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Can Diabetics Eat Sugar?

It’s a common myth that diabetics can’t eat sugar, encouraged by the fact that many sugar free products are promoted as ‘diabetic’ such as diabetic sweets and diabetic chocolates. One of the most commonly asked questions when people are newly diagnosed with diabetes is “can diabetics eat sugar?”

The simple answer is yes, both type 1 and type 2 diabetics can eat sugar, but they need to be more aware of the amount of sugar they are eating than people without diabetes.

Diabetes and Sugar

Sugar or glucose in the food we eat is broken down by a substance called insulin so that it can be used by the body. If glucose isn’t broken down by insulin it remains in the blood leading to high blood sugar levels and causing a variety of health problems.

People with type 1 diabetes don’t produce insulin naturally so they have to inject insulin to break down the sugar they eat. The more sugar they eat the more insulin they have to inject to compensate for it.

People with type 2 diabetes either don’t make enough insulin, or don’t use the insulin in their bodies effectively. They either have to take insulin or use other medication to control their blood sugar and this becomes more difficult if they eat a lot of sugar. People with type 2 diabetes are often overweight and eating sugar will just make this situation worse.

Including Sugar in Diabetes Diets

Just like people who do not suffer from diabetes, diabetics should not include too many sugary foods in their diets. Sugar provides no nutritional value and just provides empty calories, so it is best kept to a minimum in a healthy balanced diet.

Looking for low sugar versions of your favourite products, or using fruit to sweeten things like breakfast cereals, are great ways to reduce the amount of sugar in your diet. Only eating sugar in moderation is good advice for everyone whether they suffer from diabetes or not.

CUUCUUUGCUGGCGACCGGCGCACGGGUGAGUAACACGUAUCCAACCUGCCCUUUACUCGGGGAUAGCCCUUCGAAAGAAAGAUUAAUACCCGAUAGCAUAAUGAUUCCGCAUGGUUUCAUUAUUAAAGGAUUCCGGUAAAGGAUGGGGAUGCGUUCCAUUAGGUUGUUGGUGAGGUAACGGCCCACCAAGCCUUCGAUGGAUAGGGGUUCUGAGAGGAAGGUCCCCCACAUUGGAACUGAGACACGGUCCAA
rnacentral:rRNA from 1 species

Are Sweeteners Better Than Sugar?

There are various types of sugar and sweeteners available:

  1. Sucroseis what we know as sugar. It increases blood sugar and is high in calories so should only be used in moderation, especially by diabetics.

  2. Fructoseis sugar naturally found in fruit. While it is healthy in fruit, it has no advantage over sucrose when added to food as a sweetener. It is still high in calories and raises blood sugar.

  3. Nutritive Sweeteners, or polyols, include sorbitol, xylitol and isomalt. They have less impact on blood sugar than sucrose and are lower in calories. However they are often found in cakes and cookies that can still cause weight gain. Excessive polyols can have a laxative effect.

  4. Non Nutritive Sweetenersinclude aspartame, saccharin and sucratose. These have virtually no calories and don’t affect blood sugar levels at all. They are often found in foods advertised as diabetic, or sugar free.

When do Diabetics Need Sugar?

Sometimes type 1 diabetics, or type 2 diabetics that are insulin dependent, experience low blood sugar. This is often caused by overestimating the amount of insulin they need to take for the food they are eating, or due to strenuous exercise which can reduce blood sugar.

When a diabetic experiences low blood sugar, a sugary snack is often the best way to resolve it. Many diabetics carry glucose tablets or similar sources of sugar for these occasions.


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